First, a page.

What you remember about Kim is her habit of chugging mouthwash. The way you and her little sister Mandy vomited together in the bathtub after she’d offered you too many swigs. You remember Kim’s hair, dyed purple among that family of redheads. All of the siblings hopelessly freckled. Permanent lepers.
You remember the sleepovers at their house. Mandy’s little brother inflating his parents’ condoms like party balloons and launching them into the ceiling fan. Watching Kim eat ice from the tray while she cradled a handful of cubes to her nipple. She pierced the numb bit through and followed the needle with a thin metal dumbbell taken from her old tongue piercing. You thought of your own nipple still flat against your chest and more than Kim’s physicality, you envied her callousness. Her incessant pursuit of pain.
That summer, she was sent to survival camp somewhere in the Arizona desert. A place meant to put distance between daughters and their dealers. To teach them how to stitch leather. To build fires with flint and learn songs about tree spirits and friendship. She played these songs on her guitar when she returned, her face sunned but somehow softer. The freckles beginning to blend. But the next year, Kim ran away again. Nearly overdosed. After a week in the hospital, she stayed in socks and pajamas at home. Helped her mother sort through the mess in the basement storage room. Studied for her GRE. Spent time in chat rooms, making new friends. One of these, an older man from England, flew overseas to meet her. Took Kim and her parents to dinner at the Red Lobster and told them about Manchester, where he owned a screen-printing shop. He presented Kim with a ring just before dessert. A booger diamond, your mother called it. The smallest she’d seen.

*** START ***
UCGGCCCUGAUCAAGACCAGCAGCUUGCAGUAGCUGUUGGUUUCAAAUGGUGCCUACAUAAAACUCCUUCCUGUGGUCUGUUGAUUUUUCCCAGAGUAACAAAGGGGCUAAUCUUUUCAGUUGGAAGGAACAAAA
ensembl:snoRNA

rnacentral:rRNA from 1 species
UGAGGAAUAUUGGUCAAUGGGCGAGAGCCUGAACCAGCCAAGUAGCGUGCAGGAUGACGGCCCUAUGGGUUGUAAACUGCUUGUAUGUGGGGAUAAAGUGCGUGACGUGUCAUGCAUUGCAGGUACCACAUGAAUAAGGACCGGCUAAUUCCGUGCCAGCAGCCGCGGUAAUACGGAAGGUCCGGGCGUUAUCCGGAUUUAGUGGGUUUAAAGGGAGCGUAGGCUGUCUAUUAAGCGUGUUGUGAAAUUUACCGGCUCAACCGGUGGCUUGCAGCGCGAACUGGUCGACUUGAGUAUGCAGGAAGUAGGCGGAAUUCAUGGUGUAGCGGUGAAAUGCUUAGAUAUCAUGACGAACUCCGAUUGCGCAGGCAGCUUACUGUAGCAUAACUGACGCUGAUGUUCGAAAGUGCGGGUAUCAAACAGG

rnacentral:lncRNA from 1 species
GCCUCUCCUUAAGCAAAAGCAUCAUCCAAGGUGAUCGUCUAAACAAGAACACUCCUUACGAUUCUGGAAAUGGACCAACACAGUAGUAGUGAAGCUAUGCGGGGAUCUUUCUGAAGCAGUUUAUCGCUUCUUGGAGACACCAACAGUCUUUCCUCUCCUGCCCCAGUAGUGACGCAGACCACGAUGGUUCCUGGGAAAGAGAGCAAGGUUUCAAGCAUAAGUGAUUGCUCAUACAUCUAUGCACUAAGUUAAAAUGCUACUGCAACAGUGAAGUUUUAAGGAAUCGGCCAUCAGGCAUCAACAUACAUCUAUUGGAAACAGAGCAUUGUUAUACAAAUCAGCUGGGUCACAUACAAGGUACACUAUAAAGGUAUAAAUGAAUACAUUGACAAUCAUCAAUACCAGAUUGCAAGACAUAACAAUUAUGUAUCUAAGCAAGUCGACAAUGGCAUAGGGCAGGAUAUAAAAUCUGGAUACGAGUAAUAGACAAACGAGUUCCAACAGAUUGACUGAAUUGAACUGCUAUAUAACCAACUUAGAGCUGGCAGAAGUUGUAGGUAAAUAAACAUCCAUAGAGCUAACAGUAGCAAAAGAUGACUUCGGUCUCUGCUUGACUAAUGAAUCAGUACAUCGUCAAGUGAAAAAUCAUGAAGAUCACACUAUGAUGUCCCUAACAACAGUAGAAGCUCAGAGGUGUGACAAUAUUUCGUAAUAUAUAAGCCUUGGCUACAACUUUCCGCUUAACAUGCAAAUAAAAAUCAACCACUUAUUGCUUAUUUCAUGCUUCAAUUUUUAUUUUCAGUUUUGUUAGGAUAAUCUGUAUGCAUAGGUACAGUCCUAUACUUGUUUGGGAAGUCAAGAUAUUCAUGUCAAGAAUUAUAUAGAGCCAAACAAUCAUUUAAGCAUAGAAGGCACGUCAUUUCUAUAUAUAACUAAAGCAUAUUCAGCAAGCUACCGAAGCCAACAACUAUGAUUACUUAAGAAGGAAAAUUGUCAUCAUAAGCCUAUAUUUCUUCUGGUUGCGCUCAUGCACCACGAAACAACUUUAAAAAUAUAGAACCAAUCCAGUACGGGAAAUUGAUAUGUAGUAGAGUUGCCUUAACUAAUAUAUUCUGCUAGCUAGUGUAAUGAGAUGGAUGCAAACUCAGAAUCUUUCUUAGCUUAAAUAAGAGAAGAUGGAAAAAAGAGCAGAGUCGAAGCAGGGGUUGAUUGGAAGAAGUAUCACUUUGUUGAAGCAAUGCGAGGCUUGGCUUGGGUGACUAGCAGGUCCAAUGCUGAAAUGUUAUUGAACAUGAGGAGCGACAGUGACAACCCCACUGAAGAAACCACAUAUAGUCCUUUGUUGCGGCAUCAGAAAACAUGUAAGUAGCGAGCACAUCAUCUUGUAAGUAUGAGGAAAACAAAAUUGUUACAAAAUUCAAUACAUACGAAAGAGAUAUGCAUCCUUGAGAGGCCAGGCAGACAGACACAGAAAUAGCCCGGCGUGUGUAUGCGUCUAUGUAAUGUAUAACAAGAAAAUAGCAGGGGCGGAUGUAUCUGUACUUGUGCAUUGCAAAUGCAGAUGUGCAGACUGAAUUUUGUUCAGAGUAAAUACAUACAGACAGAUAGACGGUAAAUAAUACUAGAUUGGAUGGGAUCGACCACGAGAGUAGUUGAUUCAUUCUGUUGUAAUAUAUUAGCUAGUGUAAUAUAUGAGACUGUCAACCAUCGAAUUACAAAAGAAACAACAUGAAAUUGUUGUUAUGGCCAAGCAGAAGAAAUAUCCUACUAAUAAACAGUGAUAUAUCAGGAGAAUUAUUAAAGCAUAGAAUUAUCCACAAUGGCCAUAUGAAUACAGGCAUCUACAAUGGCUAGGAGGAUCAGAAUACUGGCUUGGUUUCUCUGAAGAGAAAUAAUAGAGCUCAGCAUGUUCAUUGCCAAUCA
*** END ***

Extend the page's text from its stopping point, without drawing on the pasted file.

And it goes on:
Kim’s uncle, living abroad in Belgium, traveled to England for the wedding. Kim’s parents had asked him to attend; they couldn’t afford the flight. Mandy showed you emailed photos. Kim wore pink, a color that had never suited her. Her husband had a mustache and a slight paunch and you wondered for a moment, looking at the group photo, which was the groom and which the uncle. Still, you begrudged her because Europe was always your dream.
And then, all these years later, you see her at the Wal-Mart. Your first venture out since the baby and here you are: unkempt, wearing sweatpants despite the heat. She is smaller than you remember, less red. Barely blushing in the face. You admire each other’s children: her twins wrestle half naked in the cart. She’s got two others, she tells you. Older ones. A boy and a girl. Practically teenagers if you can believe it! Your own child sleeps, mouth slack, pressed to your chest by a carrier wrap. Remember those movies you and Mandy used to film at our house? Kim asks. And you do remember. Because their brother shredded the gowns you used for costumes with his pocketknife when you left them behind one day. Your mother’s precious prom dresses.
Kim has stacked the top of her cart—the basket where children usually perch—with cases of cola and peanut butter. There’s absolutely no peanut butter in England, she tells you, and you ask how she likes living there; you still have never been to Europe. You ask about Mandy, too, because your friendship faded years ago, and all you hear now are rumors from your mother that she’s sleeping with the sort of men who hang naked silhouettes of women from their rearview mirrors.
Kim has brought these youngest children, slapping each other’s bare thighs in the cart, home to meet her brother, the one who ruined the dresses, the one who used to snap your bra straps. A Fulbright Scholar now. Going off to New Zealand to document the diminishing Kauri Tree forests.
Parting ways, your baby wakes, screaming. You abandon all you have gathered in your cart and sit hunched in the passenger side of your car, air blasting but still hot beneath a blanket, nursing. You wonder about Kim’s nipple—whether the hole ever entirely healed. Does she link the pain (really, you must see someone about the pain) of breastfeeding to the old wound? Or think of this crippling tenderness as just another necessity of survival?